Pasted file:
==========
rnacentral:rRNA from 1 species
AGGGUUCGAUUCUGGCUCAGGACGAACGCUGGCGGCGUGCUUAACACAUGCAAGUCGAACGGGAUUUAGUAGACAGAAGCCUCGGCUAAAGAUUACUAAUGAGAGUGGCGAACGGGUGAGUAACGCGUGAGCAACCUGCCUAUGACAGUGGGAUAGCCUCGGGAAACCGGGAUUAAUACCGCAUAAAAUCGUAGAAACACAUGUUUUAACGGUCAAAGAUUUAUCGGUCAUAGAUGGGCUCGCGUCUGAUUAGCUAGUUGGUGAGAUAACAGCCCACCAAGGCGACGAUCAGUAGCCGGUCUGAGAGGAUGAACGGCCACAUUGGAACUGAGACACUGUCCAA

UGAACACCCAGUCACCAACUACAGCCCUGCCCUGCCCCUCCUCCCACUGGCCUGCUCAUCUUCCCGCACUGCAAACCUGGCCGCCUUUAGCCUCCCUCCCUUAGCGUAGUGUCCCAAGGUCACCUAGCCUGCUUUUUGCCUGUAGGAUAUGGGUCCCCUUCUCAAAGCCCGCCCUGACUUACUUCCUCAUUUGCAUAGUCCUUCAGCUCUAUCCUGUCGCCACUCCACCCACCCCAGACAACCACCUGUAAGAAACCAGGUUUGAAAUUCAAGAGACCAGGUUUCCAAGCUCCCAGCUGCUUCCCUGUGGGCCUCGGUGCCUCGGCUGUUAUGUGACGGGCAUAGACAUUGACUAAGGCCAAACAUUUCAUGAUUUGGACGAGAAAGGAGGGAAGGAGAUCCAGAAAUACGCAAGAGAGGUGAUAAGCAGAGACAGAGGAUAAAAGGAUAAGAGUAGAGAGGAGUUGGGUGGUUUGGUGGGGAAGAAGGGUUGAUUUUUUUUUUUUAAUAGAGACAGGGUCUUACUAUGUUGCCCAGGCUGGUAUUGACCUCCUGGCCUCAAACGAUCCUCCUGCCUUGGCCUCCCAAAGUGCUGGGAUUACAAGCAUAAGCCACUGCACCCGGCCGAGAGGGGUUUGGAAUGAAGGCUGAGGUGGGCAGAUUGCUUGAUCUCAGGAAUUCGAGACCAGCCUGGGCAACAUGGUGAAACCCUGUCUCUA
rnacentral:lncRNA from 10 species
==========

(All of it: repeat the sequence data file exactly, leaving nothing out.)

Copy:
rnacentral:rRNA from 1 species
AGGGUUCGAUUCUGGCUCAGGACGAACGCUGGCGGCGUGCUUAACACAUGCAAGUCGAACGGGAUUUAGUAGACAGAAGCCUCGGCUAAAGAUUACUAAUGAGAGUGGCGAACGGGUGAGUAACGCGUGAGCAACCUGCCUAUGACAGUGGGAUAGCCUCGGGAAACCGGGAUUAAUACCGCAUAAAAUCGUAGAAACACAUGUUUUAACGGUCAAAGAUUUAUCGGUCAUAGAUGGGCUCGCGUCUGAUUAGCUAGUUGGUGAGAUAACAGCCCACCAAGGCGACGAUCAGUAGCCGGUCUGAGAGGAUGAACGGCCACAUUGGAACUGAGACACUGUCCAA

UGAACACCCAGUCACCAACUACAGCCCUGCCCUGCCCCUCCUCCCACUGGCCUGCUCAUCUUCCCGCACUGCAAACCUGGCCGCCUUUAGCCUCCCUCCCUUAGCGUAGUGUCCCAAGGUCACCUAGCCUGCUUUUUGCCUGUAGGAUAUGGGUCCCCUUCUCAAAGCCCGCCCUGACUUACUUCCUCAUUUGCAUAGUCCUUCAGCUCUAUCCUGUCGCCACUCCACCCACCCCAGACAACCACCUGUAAGAAACCAGGUUUGAAAUUCAAGAGACCAGGUUUCCAAGCUCCCAGCUGCUUCCCUGUGGGCCUCGGUGCCUCGGCUGUUAUGUGACGGGCAUAGACAUUGACUAAGGCCAAACAUUUCAUGAUUUGGACGAGAAAGGAGGGAAGGAGAUCCAGAAAUACGCAAGAGAGGUGAUAAGCAGAGACAGAGGAUAAAAGGAUAAGAGUAGAGAGGAGUUGGGUGGUUUGGUGGGGAAGAAGGGUUGAUUUUUUUUUUUUAAUAGAGACAGGGUCUUACUAUGUUGCCCAGGCUGGUAUUGACCUCCUGGCCUCAAACGAUCCUCCUGCCUUGGCCUCCCAAAGUGCUGGGAUUACAAGCAUAAGCCACUGCACCCGGCCGAGAGGGGUUUGGAAUGAAGGCUGAGGUGGGCAGAUUGCUUGAUCUCAGGAAUUCGAGACCAGCCUGGGCAACAUGGUGAAACCCUGUCUCUA
rnacentral:lncRNA from 10 species